History of Denmark

By | April 28, 2022

In the 2nd floor. In the 1st millennium, small tribal groups gradually began to unite into a state. In the beginning. 9th c. tribal leader Godfred subjugated Denmark, southern Sweden and Schleswig. In the 10th century Harald Bluetooth introduced Christianity to Denmark.

Back in the 8th c. Viking raids began. These campaigns not only pursued trade goals, but were often conducted for the sake of robbery. In 811, under Godfred, the Danish Vikings attacked the army of Charlemagne, and in 994 undertook a siege of London. In the beginning. 11th c. The Danish state included the eastern part of England and Norway.

In the 12th-13th centuries. under kings Valdemar I the Great, his sons Knud VI and Valdemar II the Victorious, the Danes conquered the lands of the Pomeranian Slavs, northern Estonia and the West Estonian islands, but they failed to hold these territories for a long time.

14th c. a troubled time in Danish history. According to historyaah, the struggle of the feudal lords for the royal throne, civil strife, conspiracies, uprisings led to a weakening of centralized power. In 1332-40 there was even a period of interregnum, when the country was ruled by the nobles. German feudal lords seized part of the Danish lands. In this situation, King Valdemar IV, nicknamed Atterdag (1340-75), managed to defend the integrity of the country at the cost of a number of concessions.

The desire to create a united front in the fight against the Hanseatic League led to the political unification of the Scandinavian countries under the auspices of Denmark, enshrined in the Kalmar Union of 1397. Valdemar VI’s daughter Margarita (1375-1412) became the queen of Denmark, Norway and Sweden. Under Margaret’s heir, Eric of Pomerania, from 1429, the collection of duties from ships passing through the Øresund Strait (Sund) began. The Sound Duty was the “gold mine” of the country for several centuries.

The Kalmar Union proved to be fragile. From Ser. 15th c. Danish kings effectively ceased to rule Sweden. The positions of the Danish nobility were so strengthened that the power of the king was controlled by the state council (rigsrod), which consisted of the largest landowners. King Christian II (1513-23) tried to remove this body from administration and limit the privileges of the nobles. He granted the townspeople the right to foreign trade and forbade the landlords to sell the peasants. The attack on the rights of the Swedes gave impetus to their national liberation movement, which grew into an uprising led by Gustav Vasa. It ended with the victory of the rebels and the exit of Sweden from the union. Disgruntled Danish nobles deposed Christian II and his reforms were cancelled. See ehistorylib for more about Denmark history.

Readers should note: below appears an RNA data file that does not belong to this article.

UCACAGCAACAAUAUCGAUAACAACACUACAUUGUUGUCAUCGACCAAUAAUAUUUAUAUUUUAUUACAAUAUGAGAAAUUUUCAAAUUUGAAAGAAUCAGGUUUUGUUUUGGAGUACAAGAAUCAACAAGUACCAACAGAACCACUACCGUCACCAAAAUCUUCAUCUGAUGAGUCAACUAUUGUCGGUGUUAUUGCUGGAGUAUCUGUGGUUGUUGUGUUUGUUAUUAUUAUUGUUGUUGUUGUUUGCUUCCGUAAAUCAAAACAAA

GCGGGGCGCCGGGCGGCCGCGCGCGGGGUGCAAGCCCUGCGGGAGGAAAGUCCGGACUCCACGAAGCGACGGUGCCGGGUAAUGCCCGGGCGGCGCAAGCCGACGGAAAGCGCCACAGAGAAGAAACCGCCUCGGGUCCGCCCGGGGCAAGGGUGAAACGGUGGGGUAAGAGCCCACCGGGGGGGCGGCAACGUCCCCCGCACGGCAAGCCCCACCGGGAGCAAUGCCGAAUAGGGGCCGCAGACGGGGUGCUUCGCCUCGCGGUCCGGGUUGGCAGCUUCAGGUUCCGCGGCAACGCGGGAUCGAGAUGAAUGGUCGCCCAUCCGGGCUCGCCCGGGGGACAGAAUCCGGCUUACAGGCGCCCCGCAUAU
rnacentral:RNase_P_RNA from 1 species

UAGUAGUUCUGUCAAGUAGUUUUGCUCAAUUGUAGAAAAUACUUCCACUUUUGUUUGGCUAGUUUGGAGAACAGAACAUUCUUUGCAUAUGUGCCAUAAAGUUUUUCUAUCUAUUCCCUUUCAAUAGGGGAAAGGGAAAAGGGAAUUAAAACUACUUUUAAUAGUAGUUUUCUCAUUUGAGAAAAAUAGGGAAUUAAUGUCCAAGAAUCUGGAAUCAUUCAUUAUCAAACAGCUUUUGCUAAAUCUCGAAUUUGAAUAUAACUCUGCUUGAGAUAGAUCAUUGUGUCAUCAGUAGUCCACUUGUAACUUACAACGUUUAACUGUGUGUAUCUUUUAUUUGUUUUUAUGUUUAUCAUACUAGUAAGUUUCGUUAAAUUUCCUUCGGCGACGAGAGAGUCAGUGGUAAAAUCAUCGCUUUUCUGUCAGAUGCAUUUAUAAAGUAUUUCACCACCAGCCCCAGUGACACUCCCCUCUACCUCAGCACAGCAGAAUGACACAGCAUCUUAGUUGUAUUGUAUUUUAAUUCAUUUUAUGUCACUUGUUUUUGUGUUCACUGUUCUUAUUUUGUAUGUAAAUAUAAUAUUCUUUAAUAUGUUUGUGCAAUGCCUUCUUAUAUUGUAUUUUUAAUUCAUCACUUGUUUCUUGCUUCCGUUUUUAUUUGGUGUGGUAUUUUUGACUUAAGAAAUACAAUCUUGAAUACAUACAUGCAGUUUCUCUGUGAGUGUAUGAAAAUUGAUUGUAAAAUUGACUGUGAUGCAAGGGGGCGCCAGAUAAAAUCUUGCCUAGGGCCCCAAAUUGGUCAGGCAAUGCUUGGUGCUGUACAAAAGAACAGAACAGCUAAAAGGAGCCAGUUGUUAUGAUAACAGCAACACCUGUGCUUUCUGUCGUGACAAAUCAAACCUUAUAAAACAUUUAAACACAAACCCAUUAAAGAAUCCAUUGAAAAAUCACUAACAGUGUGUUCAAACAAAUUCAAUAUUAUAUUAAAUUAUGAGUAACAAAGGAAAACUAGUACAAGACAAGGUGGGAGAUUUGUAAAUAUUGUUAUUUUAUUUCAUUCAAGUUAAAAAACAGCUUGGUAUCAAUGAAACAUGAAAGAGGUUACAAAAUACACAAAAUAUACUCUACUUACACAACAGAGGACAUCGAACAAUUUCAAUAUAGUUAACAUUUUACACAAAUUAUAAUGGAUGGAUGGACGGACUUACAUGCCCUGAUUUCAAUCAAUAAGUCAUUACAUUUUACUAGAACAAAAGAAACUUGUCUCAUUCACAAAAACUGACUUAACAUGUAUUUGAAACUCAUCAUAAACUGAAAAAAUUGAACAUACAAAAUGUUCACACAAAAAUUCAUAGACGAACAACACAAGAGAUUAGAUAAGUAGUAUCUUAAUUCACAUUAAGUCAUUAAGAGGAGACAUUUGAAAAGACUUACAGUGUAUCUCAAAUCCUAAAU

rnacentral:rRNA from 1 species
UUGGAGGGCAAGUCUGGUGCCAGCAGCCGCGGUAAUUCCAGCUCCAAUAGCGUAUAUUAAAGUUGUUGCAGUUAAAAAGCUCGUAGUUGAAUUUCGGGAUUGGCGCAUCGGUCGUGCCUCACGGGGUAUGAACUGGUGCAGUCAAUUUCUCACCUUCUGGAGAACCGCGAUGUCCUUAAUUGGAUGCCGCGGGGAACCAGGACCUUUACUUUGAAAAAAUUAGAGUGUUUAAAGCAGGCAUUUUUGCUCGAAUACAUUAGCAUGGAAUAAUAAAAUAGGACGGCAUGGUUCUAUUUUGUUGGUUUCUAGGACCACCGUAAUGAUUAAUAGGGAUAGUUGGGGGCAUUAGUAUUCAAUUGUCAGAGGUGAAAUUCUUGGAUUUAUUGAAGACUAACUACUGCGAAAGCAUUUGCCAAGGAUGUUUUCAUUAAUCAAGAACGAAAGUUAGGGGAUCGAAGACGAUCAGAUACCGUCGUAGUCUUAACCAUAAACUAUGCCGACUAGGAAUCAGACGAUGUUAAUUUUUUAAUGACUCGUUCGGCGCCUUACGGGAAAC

In 1534–36, Denmark was engulfed in internecine war unleashed by the deposed Christian II, who enlisted the support of the Hanseatic city of Lübeck and the largest Danish cities of Copenhagen and Malmö. At the same time, the peasants in Jutland came out against the feudal lords, but this movement ended in the complete defeat of the rebels. The protégé of the nobles, King Christian III, brutally dealt with them. Under Christian III, a church reformation was carried out. Lutheranism became the state religion. The lands of the Catholic Church were confiscated mainly in favor of the nobles.

In the 17th century Denmark was defeated in several wars with Sweden, lost all territories in the south of the Scandinavian Peninsula, the islands of Gotland and Oesel, and also renounced its rights to Schleswig.

During the reign of Frederick III, an absolute monarchy was established in Denmark: from 1660, royal power was declared hereditary. The nobility was forced to pay taxes and duties.

In the 1st floor. 18th century Denmark remained a minor European state, whose position was weakened due to continuous disputes with Prussia over Schleswig and Holstein.

The participation of Denmark in the Napoleonic wars on the side of France entailed human and material losses. After the defeat of Napoleon in 1814, Denmark was forced to cede Norway to Sweden. In 1814, Denmark was the first European country to introduce compulsory schooling for all children between the ages of 7 and 14. After the abolition of the Sound tax in 1857, freedom of trade was established in the country.

Under the influence of the European revolutions of 1830 and 1848, a struggle began in Denmark for the Constitution, which was adopted in 1849 and allowed wealthy strata to take part in elections to representative assemblies of estates. In the war with Prussia in 1864, Denmark was defeated and lost Holstein, Lauenburg and almost all of Schleswig.

During the 1st World War, Denmark adhered to a policy of neutrality and successfully traded with both warring parties. According to the Treaty of Versailles in 1920, a plebiscite was held in Schleswig, as a result of which the northern part of Schleswig was annexed to Denmark. Since then, the land border of the country has not changed.

In 1924, the Social Democratic Party won the parliamentary elections, formed its own government, and since then, with short interruptions, has been the leader in government power.

During the 2nd World War, Denmark experienced the oppression of the Nazi occupation for 5 years. After the war, the ruling circles of Denmark in their policy were guided by the Western powers and joined NATO, abandoning their traditional neutrality.

During World War II, Iceland gained independence from Denmark.

The Faroe Islands have enjoyed internal autonomy since 1948 (they became part of Denmark together with Norway in 1380).

The Danish colonization of Greenland began in 1721; under the Constitution of 1953, it received the status of an overseas municipality; on May 1, 1979, Greenland was proclaimed “a self-governing territory within the Kingdom of Denmark.”

History of Denmark